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The Honolulu Advertiser
Posted on: Wednesday, May 26, 2010

Special election

Hawaii news photo - The Honolulu Advertiser

Rep. Charles Djou speaks on the floor of the House of Representatives after officially being sworn in as Hawai'i's first Republican representative since 1990.

C-SPAN photo via Associated Press

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Kudos to the people of Hawai'i who finally elected a Republican, Charles Djou, to Congress.

With an overwhelming 39.7 percent of the votes, this will surely send a message to Washington and the people of this country that we are sick and tired of the tax-and-spend, do-nothing, Democratic-dominated liberal Congress.

Issues such as "Obamacare" socialized health care, bank and auto industry bailouts, cap and trade and skyrocketing deficits have energized voters to elect Republicans and conservatives to save our country from impending disaster.

The trend started with the election of Scott Brown in Massachusetts, took hold in Hawai'i and will continue until the November mid-term elections.

The conservatives will take our country back. The election of Charles Djou is great news for not only Hawai'i but the rest of this great country. Aloha to the wonderful people of Hawai'i for making this wise choice.

Al Eisner
Silver Spring, Md.


Norman Shapiro's photo of Charles Djou was a great choice for the Sunday paper (May 23) because, throughout 12 years of public service, Djou invariably ignored his constituents and district to point his finger at everyone else.

To date, that — and opening one dog park — are Djou's only accomplishments.

Djou's election proves the same morons who elected Bush to two terms are still going to the polls without having learned anything.

All the people who did not vote (or did not vote for Djou), now get to support Republican lobbyists who still believe American prosperity depends on giving the rich carte blanche to deprive the poor.

Rico Leffanta


The Democrats really blew the recent special election for the First Congressional District.

All they had to do was run one high-profile candidate. Instead they ran two and split the democratic vote so that a Republican managed to win.

So for the next seven months that district — with a majority of voters who are Democrats — will be represented by a Republican. Hopefully, this situation will be rectified in November.

Neil Abercrombie is responsible for this situation. By resigning when he was desperately needed in Washington, he put his own ambition ahead of the needs of the people of Hawai'i. This will very likely hurt his chances of winning the governorship in November.

Robert Cence


I was disappointed by the lack of coverage of all the candidates running for Congress, especially the final ballot count.

I voted for one of those who was not in the top three and I have no idea what kind or how much support my candidate received.

Jane Au

HB 444


The reporting in the media is that opposition to the civil unions bill is coming from religious groups. It would be more accurate to say that some opposition to the civil unions bill is coming from some religious groups. Certainly, the historic Honolulu Church of the Crossroads fully supports the passage of this bill. In any event, if one truly believes in a God that created all things, then clearly gays are supposed to be here.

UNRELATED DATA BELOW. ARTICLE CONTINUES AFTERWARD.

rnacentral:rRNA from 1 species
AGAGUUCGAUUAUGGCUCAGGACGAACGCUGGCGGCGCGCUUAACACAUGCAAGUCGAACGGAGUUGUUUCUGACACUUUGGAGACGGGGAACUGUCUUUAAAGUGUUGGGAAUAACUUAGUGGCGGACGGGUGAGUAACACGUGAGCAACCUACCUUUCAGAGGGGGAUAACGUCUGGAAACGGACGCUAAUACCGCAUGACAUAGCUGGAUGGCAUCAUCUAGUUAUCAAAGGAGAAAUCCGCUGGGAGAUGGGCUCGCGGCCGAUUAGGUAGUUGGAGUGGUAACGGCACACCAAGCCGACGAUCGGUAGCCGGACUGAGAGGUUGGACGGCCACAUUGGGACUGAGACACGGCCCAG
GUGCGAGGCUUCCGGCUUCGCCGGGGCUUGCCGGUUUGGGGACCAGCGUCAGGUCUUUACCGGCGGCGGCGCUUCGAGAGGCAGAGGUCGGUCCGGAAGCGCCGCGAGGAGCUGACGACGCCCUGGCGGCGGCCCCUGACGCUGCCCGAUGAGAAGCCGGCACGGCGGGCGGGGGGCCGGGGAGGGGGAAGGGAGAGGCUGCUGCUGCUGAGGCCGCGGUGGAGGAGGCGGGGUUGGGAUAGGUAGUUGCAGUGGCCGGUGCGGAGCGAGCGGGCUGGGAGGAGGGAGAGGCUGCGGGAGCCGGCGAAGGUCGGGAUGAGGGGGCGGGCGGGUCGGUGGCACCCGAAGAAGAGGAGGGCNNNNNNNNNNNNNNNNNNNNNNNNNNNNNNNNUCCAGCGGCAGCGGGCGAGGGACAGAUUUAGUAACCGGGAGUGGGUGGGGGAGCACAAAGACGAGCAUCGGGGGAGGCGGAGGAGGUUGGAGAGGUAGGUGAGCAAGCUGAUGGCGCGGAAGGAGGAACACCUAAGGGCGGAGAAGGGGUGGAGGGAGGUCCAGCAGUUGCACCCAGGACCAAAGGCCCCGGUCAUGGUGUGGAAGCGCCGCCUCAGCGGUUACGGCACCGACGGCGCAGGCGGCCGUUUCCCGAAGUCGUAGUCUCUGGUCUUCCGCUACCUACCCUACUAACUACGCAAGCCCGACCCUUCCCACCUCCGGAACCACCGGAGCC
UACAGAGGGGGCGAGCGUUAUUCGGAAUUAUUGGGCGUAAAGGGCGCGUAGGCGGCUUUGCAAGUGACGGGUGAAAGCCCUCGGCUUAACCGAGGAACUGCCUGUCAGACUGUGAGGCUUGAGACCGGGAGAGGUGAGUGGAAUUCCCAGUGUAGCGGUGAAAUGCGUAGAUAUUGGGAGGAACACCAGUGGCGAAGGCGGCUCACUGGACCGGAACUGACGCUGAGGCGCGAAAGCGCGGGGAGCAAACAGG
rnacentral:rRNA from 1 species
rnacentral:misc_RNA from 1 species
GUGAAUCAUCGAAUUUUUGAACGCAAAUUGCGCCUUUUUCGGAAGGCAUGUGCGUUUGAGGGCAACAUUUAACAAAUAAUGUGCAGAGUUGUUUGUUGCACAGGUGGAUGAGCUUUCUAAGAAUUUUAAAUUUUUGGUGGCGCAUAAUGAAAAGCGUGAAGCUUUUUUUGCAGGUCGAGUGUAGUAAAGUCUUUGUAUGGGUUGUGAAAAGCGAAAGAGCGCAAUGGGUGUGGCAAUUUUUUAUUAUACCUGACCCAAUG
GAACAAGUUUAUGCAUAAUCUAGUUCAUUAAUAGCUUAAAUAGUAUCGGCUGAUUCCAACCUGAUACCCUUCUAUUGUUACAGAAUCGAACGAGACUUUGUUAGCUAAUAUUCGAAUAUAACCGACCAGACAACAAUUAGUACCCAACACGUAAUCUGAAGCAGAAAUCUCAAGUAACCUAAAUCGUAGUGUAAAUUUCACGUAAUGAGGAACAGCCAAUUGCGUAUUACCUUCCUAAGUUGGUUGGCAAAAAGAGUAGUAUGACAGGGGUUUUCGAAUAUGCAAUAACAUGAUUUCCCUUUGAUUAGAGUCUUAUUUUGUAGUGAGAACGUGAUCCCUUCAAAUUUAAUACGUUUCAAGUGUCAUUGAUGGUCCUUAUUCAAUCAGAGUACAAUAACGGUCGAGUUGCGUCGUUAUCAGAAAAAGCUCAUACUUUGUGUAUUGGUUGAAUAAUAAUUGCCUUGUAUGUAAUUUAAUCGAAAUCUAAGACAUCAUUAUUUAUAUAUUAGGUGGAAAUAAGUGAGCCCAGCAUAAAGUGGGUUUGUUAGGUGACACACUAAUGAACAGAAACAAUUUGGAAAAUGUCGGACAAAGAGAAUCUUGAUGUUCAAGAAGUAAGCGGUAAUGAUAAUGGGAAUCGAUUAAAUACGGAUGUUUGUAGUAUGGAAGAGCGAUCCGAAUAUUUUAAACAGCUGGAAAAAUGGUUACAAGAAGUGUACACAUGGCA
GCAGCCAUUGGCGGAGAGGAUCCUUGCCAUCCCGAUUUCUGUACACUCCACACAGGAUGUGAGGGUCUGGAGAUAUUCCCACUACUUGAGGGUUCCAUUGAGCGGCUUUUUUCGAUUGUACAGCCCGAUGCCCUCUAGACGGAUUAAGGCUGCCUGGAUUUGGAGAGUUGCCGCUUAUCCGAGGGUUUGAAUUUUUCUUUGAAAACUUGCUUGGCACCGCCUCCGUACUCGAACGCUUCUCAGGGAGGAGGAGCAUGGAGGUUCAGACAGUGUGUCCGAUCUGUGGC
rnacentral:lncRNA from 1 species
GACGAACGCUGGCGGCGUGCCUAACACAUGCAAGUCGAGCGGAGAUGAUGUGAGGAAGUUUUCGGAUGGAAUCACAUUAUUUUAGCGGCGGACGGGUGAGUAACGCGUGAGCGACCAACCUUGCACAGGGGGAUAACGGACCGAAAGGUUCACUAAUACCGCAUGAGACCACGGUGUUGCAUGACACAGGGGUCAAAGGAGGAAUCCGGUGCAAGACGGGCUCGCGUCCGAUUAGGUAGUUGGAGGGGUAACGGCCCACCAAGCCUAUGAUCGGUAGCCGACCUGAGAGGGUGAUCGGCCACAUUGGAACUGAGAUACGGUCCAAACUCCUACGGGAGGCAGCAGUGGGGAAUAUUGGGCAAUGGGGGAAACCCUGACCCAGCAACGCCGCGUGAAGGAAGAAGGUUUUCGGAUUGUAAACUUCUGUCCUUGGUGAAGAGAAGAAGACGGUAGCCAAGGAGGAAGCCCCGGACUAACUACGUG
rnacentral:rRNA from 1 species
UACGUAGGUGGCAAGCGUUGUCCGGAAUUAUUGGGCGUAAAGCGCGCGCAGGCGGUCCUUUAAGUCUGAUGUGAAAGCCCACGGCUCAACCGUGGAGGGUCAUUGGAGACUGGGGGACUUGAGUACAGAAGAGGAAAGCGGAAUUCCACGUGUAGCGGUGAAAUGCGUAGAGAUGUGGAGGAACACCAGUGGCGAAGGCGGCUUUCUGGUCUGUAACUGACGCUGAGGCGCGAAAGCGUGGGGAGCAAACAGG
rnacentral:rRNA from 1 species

On a more practical note, Hawai'i's tourism may show a significant improvement from the passage of this bill, and that is an aspect that needs to be considered.

I suspect that once it becomes clear that civil unions will not distract the voters from the disastrous economy, and the disastrous wars, Gov. Lingle will sign this legislation.

Michael Rivero


Thanks to Jay Sakashita, assistant professor of religion at Leeward Community College, we get a much larger picture of "traditional marriage."

Our mothers and grandmothers had more experience with the bondage of tradition than we do. They knew how it felt for men in long black robes to make the rules around which they had to abide.

My grandmother had seven children before she was 25, and that was "traditional" marriage for her. Because of "tradition," women could not vote, most could not own property or get an education.

I believe that traditions are meant to provide continuity, not imprison. Women would not have the freedoms and chances for fulfillment today if we had not marched in the streets for the right to vote and the right to have dominion over our bodies.

That struggle still continues as we ask Gov. Lingle to be on the correct side of history as she ponders which part of tradition needs preserving. Does a civil union between people of the same sex threaten my marriage?

If it does, I need to examine my tradition and perhaps my marriage.

Jo An Gaines



It is with regret that I post what will likely be my last letter to The Honolulu Advertiser. I am honored to have been able to participate in this forum over the years,

My issue is the continuous urbanization of our precious farmlands. Once developed they are gone forever. The state Land Use Commission must immediately halt reclassifying any prime agricultural land for urban use.

There are options available to meet housing needs. The city can implement means of creating much greater density in the urban core.

For example, areas such as McCully/Mo'ili'ili, Kaka'ako, Lower Kalihi, or Kapalama are close to Downtown and should have much greater density.

Furthermore, there are many areas of sloping land or marginal agricultural lands to consider. It is the prime lands that are the precious asset here for future green space and sustainability. Please make your voices heard to the Legislature and the City Council.

Besides, we do not need 50,000 more cars a day out past the H1/H2 merge.

Jack Arnest